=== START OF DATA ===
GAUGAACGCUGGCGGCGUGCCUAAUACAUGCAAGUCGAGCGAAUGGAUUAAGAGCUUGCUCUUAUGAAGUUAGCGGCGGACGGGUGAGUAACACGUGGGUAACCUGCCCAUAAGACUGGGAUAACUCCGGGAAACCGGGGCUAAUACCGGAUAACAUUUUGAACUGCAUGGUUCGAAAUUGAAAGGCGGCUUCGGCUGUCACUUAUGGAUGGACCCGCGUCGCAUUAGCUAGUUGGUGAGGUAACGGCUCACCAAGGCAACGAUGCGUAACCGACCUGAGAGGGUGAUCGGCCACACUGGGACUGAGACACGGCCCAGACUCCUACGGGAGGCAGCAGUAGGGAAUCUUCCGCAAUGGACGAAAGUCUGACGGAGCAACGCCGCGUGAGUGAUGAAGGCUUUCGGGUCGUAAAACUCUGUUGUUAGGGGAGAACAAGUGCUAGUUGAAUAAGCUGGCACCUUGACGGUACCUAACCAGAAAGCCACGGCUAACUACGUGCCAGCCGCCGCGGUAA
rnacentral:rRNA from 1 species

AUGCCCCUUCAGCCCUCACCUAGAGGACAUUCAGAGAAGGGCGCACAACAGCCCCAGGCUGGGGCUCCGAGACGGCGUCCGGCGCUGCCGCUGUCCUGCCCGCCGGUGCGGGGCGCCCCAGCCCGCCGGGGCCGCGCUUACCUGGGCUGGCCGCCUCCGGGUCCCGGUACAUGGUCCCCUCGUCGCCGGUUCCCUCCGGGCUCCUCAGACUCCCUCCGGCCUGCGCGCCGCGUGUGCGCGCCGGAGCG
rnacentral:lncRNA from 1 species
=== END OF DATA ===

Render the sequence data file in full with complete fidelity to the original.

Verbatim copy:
GAUGAACGCUGGCGGCGUGCCUAAUACAUGCAAGUCGAGCGAAUGGAUUAAGAGCUUGCUCUUAUGAAGUUAGCGGCGGACGGGUGAGUAACACGUGGGUAACCUGCCCAUAAGACUGGGAUAACUCCGGGAAACCGGGGCUAAUACCGGAUAACAUUUUGAACUGCAUGGUUCGAAAUUGAAAGGCGGCUUCGGCUGUCACUUAUGGAUGGACCCGCGUCGCAUUAGCUAGUUGGUGAGGUAACGGCUCACCAAGGCAACGAUGCGUAACCGACCUGAGAGGGUGAUCGGCCACACUGGGACUGAGACACGGCCCAGACUCCUACGGGAGGCAGCAGUAGGGAAUCUUCCGCAAUGGACGAAAGUCUGACGGAGCAACGCCGCGUGAGUGAUGAAGGCUUUCGGGUCGUAAAACUCUGUUGUUAGGGGAGAACAAGUGCUAGUUGAAUAAGCUGGCACCUUGACGGUACCUAACCAGAAAGCCACGGCUAACUACGUGCCAGCCGCCGCGGUAA
rnacentral:rRNA from 1 species

AUGCCCCUUCAGCCCUCACCUAGAGGACAUUCAGAGAAGGGCGCACAACAGCCCCAGGCUGGGGCUCCGAGACGGCGUCCGGCGCUGCCGCUGUCCUGCCCGCCGGUGCGGGGCGCCCCAGCCCGCCGGGGCCGCGCUUACCUGGGCUGGCCGCCUCCGGGUCCCGGUACAUGGUCCCCUCGUCGCCGGUUCCCUCCGGGCUCCUCAGACUCCCUCCGGCCUGCGCGCCGCGUGUGCGCGCCGGAGCG
rnacentral:lncRNA from 1 species